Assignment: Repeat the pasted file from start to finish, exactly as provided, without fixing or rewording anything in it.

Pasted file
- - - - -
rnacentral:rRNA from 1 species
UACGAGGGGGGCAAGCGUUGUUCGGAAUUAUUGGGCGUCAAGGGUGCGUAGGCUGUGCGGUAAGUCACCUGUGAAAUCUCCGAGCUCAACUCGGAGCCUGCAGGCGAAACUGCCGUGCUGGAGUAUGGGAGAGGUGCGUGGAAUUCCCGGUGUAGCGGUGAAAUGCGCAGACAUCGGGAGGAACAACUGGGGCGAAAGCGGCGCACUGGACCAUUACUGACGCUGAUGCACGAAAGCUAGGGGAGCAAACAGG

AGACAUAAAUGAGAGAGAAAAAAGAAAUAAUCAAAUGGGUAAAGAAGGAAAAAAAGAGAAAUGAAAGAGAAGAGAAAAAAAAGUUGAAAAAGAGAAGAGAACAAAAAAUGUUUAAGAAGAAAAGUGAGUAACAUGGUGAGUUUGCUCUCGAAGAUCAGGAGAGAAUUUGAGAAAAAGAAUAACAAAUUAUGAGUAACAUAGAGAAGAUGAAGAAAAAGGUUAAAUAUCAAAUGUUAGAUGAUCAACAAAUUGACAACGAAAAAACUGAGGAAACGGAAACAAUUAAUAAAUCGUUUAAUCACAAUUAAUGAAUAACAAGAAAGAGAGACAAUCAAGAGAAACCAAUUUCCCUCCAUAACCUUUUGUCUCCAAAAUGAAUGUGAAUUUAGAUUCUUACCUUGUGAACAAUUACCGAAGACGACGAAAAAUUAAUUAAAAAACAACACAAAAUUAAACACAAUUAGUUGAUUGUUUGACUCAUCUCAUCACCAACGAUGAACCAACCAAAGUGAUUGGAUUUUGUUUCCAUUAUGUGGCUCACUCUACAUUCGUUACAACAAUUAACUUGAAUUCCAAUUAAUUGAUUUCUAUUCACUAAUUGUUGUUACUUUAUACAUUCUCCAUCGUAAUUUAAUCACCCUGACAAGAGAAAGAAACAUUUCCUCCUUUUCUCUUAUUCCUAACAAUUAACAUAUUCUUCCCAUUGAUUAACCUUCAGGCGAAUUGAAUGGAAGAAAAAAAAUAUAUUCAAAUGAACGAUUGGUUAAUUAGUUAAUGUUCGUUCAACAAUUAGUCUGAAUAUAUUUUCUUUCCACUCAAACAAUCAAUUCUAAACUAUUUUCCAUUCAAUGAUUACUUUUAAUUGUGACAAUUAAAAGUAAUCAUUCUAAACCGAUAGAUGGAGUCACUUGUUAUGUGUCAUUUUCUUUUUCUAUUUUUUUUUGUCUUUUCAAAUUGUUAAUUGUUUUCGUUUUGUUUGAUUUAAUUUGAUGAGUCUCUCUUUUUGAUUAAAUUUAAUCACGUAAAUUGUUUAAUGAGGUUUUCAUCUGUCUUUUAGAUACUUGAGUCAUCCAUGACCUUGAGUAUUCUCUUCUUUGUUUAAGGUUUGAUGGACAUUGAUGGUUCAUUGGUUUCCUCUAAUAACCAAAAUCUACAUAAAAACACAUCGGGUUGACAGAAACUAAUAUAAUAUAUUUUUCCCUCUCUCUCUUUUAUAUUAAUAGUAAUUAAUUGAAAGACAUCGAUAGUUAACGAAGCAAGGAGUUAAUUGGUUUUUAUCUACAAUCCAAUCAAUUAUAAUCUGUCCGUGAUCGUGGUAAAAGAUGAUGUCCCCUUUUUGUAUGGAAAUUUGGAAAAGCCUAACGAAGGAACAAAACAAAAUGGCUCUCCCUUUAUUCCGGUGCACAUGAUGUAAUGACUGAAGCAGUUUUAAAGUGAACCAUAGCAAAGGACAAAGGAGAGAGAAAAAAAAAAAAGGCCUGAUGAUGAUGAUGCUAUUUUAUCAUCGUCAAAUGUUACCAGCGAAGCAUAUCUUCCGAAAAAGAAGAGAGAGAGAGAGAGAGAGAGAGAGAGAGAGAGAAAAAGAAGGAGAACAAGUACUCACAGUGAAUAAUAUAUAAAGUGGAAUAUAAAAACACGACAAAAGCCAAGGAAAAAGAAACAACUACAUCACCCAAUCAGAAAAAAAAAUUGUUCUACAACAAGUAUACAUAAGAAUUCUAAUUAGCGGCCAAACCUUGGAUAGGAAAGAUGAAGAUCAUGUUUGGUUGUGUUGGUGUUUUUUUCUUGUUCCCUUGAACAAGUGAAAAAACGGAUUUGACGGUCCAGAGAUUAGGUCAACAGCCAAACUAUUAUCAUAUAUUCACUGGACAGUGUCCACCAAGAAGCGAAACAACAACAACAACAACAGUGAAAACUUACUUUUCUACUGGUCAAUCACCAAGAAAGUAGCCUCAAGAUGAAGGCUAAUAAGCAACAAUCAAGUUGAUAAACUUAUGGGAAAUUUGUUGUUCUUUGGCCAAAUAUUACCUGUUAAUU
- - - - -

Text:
rnacentral:rRNA from 1 species
UACGAGGGGGGCAAGCGUUGUUCGGAAUUAUUGGGCGUCAAGGGUGCGUAGGCUGUGCGGUAAGUCACCUGUGAAAUCUCCGAGCUCAACUCGGAGCCUGCAGGCGAAACUGCCGUGCUGGAGUAUGGGAGAGGUGCGUGGAAUUCCCGGUGUAGCGGUGAAAUGCGCAGACAUCGGGAGGAACAACUGGGGCGAAAGCGGCGCACUGGACCAUUACUGACGCUGAUGCACGAAAGCUAGGGGAGCAAACAGG

AGACAUAAAUGAGAGAGAAAAAAGAAAUAAUCAAAUGGGUAAAGAAGGAAAAAAAGAGAAAUGAAAGAGAAGAGAAAAAAAAGUUGAAAAAGAGAAGAGAACAAAAAAUGUUUAAGAAGAAAAGUGAGUAACAUGGUGAGUUUGCUCUCGAAGAUCAGGAGAGAAUUUGAGAAAAAGAAUAACAAAUUAUGAGUAACAUAGAGAAGAUGAAGAAAAAGGUUAAAUAUCAAAUGUUAGAUGAUCAACAAAUUGACAACGAAAAAACUGAGGAAACGGAAACAAUUAAUAAAUCGUUUAAUCACAAUUAAUGAAUAACAAGAAAGAGAGACAAUCAAGAGAAACCAAUUUCCCUCCAUAACCUUUUGUCUCCAAAAUGAAUGUGAAUUUAGAUUCUUACCUUGUGAACAAUUACCGAAGACGACGAAAAAUUAAUUAAAAAACAACACAAAAUUAAACACAAUUAGUUGAUUGUUUGACUCAUCUCAUCACCAACGAUGAACCAACCAAAGUGAUUGGAUUUUGUUUCCAUUAUGUGGCUCACUCUACAUUCGUUACAACAAUUAACUUGAAUUCCAAUUAAUUGAUUUCUAUUCACUAAUUGUUGUUACUUUAUACAUUCUCCAUCGUAAUUUAAUCACCCUGACAAGAGAAAGAAACAUUUCCUCCUUUUCUCUUAUUCCUAACAAUUAACAUAUUCUUCCCAUUGAUUAACCUUCAGGCGAAUUGAAUGGAAGAAAAAAAAUAUAUUCAAAUGAACGAUUGGUUAAUUAGUUAAUGUUCGUUCAACAAUUAGUCUGAAUAUAUUUUCUUUCCACUCAAACAAUCAAUUCUAAACUAUUUUCCAUUCAAUGAUUACUUUUAAUUGUGACAAUUAAAAGUAAUCAUUCUAAACCGAUAGAUGGAGUCACUUGUUAUGUGUCAUUUUCUUUUUCUAUUUUUUUUUGUCUUUUCAAAUUGUUAAUUGUUUUCGUUUUGUUUGAUUUAAUUUGAUGAGUCUCUCUUUUUGAUUAAAUUUAAUCACGUAAAUUGUUUAAUGAGGUUUUCAUCUGUCUUUUAGAUACUUGAGUCAUCCAUGACCUUGAGUAUUCUCUUCUUUGUUUAAGGUUUGAUGGACAUUGAUGGUUCAUUGGUUUCCUCUAAUAACCAAAAUCUACAUAAAAACACAUCGGGUUGACAGAAACUAAUAUAAUAUAUUUUUCCCUCUCUCUCUUUUAUAUUAAUAGUAAUUAAUUGAAAGACAUCGAUAGUUAACGAAGCAAGGAGUUAAUUGGUUUUUAUCUACAAUCCAAUCAAUUAUAAUCUGUCCGUGAUCGUGGUAAAAGAUGAUGUCCCCUUUUUGUAUGGAAAUUUGGAAAAGCCUAACGAAGGAACAAAACAAAAUGGCUCUCCCUUUAUUCCGGUGCACAUGAUGUAAUGACUGAAGCAGUUUUAAAGUGAACCAUAGCAAAGGACAAAGGAGAGAGAAAAAAAAAAAAGGCCUGAUGAUGAUGAUGCUAUUUUAUCAUCGUCAAAUGUUACCAGCGAAGCAUAUCUUCCGAAAAAGAAGAGAGAGAGAGAGAGAGAGAGAGAGAGAGAGAGAAAAAGAAGGAGAACAAGUACUCACAGUGAAUAAUAUAUAAAGUGGAAUAUAAAAACACGACAAAAGCCAAGGAAAAAGAAACAACUACAUCACCCAAUCAGAAAAAAAAAUUGUUCUACAACAAGUAUACAUAAGAAUUCUAAUUAGCGGCCAAACCUUGGAUAGGAAAGAUGAAGAUCAUGUUUGGUUGUGUUGGUGUUUUUUUCUUGUUCCCUUGAACAAGUGAAAAAACGGAUUUGACGGUCCAGAGAUUAGGUCAACAGCCAAACUAUUAUCAUAUAUUCACUGGACAGUGUCCACCAAGAAGCGAAACAACAACAACAACAACAGUGAAAACUUACUUUUCUACUGGUCAAUCACCAAGAAAGUAGCCUCAAGAUGAAGGCUAAUAAGCAACAAUCAAGUUGAUAAACUUAUGGGAAAUUUGUUGUUCUUUGGCCAAAUAUUACCUGUUAAUU